Welcome back! I am cooking my way through the 1929 Photoplay cookbook (recipes of the stars!) and you are invited to tag along. (I have listed all the recipes I have tested on this dedicated page. Check back often.) Today, we will be testing a recipe from one of the most iconic performers of the silent era.
A few months ago, I conducted a poll to see which silent star recipe I would cover in March and Lon Chaney won by a comfortable margin. This is a testament to the enduring popularity of a most unusual talent.
While he is famous for his makeup skills, Chaney’s greatest talents were his acting ability and his talent for generating sympathy for his dark and often evil characters. He loved to play wounded monsters, denied love but not necessarily undeserving of our empathy.
So, Chaney’s talents are legendary. Can we say the same about his baking skills? We shall see.
The first question I had was this: what is a “large potato” by 1929 American standards? The potatoes I had were about five inches long and about two and a half inches in diameter. Pretty large today but what about then?
I consulted my father, who was born in 1941, and he felt that home cooks wouldn’t have potatoes that large. He only remembered them being that big at steakhouses. An internet search of potato harvests seemed to confirm that a large potato of the 1920s would have been considerably smaller. I ended up using a potato and a half (about two and a quarter cups mashed) for the recipe but even that yielded a loose dough. I think that a cup and three-quarters to two cups would have been better.
I had never cooked with lard in my life, having spent my entire childhood in the fat-averse 80s and 90s and being hopelessly devoted to butter. Fortunately, my grocery store had an entire lard section. Whodathunkit?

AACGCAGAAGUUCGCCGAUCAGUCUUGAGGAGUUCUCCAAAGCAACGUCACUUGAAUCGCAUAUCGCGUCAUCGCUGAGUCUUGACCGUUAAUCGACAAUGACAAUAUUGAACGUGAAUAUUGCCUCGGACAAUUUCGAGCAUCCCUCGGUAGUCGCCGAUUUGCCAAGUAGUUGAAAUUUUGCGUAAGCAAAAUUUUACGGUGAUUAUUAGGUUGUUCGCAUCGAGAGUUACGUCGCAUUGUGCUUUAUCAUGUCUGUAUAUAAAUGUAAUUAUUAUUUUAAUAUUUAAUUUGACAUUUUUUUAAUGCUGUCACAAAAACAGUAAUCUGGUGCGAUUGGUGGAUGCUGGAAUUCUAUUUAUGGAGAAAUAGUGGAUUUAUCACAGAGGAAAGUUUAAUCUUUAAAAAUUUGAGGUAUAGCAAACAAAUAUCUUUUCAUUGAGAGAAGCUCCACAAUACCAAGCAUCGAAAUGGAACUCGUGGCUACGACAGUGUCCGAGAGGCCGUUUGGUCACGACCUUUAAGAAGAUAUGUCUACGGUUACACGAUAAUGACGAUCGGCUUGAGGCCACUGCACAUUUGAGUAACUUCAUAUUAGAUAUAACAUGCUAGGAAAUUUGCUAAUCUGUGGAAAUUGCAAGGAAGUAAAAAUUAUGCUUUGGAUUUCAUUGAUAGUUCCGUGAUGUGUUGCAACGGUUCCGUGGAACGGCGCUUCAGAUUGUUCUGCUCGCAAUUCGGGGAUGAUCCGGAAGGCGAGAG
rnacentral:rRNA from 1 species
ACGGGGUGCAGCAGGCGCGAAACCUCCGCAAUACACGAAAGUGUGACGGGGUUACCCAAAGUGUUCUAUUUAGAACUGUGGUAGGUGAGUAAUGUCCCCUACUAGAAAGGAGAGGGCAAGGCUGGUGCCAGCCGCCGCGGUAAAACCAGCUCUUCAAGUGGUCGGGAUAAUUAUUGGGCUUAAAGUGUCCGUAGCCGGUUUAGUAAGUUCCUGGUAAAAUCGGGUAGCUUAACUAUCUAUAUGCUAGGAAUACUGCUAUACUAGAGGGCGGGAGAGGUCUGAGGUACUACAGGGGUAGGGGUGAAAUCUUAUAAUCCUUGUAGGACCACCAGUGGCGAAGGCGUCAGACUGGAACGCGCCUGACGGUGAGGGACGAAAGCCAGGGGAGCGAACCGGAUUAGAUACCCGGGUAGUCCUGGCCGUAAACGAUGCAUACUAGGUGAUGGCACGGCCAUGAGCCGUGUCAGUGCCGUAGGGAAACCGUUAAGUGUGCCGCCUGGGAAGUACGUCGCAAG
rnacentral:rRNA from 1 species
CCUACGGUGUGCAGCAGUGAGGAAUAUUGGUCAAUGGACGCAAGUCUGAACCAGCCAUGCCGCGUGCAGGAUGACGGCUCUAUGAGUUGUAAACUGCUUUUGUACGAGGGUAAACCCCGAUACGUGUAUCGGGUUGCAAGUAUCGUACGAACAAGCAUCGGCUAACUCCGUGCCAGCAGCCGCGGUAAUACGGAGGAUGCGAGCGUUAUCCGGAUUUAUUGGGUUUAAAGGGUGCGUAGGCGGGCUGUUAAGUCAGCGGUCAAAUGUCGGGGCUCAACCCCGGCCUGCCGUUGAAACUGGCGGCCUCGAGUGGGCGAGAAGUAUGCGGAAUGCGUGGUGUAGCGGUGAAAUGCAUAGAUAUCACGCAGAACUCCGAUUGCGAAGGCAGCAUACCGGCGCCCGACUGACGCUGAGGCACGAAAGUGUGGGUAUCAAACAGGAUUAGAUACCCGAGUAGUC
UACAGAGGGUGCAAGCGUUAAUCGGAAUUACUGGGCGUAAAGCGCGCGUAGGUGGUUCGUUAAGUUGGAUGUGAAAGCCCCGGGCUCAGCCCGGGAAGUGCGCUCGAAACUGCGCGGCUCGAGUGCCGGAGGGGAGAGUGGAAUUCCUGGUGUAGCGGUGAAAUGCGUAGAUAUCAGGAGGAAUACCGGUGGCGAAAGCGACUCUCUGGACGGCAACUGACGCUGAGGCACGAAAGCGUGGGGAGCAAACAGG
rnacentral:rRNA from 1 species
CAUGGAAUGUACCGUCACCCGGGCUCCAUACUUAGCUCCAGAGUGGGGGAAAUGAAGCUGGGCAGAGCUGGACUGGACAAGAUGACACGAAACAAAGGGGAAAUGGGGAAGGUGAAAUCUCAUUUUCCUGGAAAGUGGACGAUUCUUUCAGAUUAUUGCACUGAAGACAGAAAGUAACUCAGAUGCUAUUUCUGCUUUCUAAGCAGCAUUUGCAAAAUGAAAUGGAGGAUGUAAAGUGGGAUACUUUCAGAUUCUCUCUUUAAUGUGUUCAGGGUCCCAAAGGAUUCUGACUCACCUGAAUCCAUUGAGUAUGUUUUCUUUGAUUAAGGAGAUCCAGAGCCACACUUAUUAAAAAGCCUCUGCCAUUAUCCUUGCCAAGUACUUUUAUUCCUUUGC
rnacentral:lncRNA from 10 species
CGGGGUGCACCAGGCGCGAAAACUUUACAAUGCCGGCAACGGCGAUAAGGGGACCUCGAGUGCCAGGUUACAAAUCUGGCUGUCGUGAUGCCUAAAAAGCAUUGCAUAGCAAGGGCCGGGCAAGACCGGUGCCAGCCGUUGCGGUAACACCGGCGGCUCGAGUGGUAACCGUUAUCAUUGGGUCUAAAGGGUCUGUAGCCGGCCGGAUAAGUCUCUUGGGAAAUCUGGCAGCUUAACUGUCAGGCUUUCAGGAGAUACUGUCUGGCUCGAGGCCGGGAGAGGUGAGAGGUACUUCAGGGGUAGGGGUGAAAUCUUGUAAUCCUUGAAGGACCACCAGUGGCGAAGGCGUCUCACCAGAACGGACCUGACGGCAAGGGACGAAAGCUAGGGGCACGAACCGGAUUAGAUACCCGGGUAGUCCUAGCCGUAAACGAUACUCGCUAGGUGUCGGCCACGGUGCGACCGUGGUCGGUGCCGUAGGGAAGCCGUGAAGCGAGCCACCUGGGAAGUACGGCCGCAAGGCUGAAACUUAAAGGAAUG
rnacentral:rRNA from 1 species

I rolled out the dough on a well-floured surface and experimented with thicknesses. The recipe said to roll the dough “rather thin” which I assumed to mean thin in comparison to regular biscuit dough. I soon found out why. (By the way, this recipe makes 10 billion biscuits. Well, a lot anyway.)
Due to the density of the dough, these things take FOREVER to bake! I can only imagine how long they would have taken had I rolled them to regular biscuit thickness of about half an inch. As it was, the quarter inch thick biscuits took just shy of 30 minutes to bake in a 400 degree oven!
At last, they were brown enough to eat.
Taste test video:
Score 3 out of 5: I had heard that lard yielded tender baked goods and this proved to be true here. The texture was quite lovely and the thinness of the biscuits made them easy to slather with butter and jam. The biscuits must be eaten hot as they taste really horrid cold and their dense texture precludes you from eating too many.
However, I didn’t find much to recommend this recipe over a classic buttermilk biscuit. Boiling the potatoes and waiting for them to cool prevents this from being a true quick bread and the long baking time makes the wait even longer. While this recipe is nice enough, there is a reason why the classic biscuit recipe endures.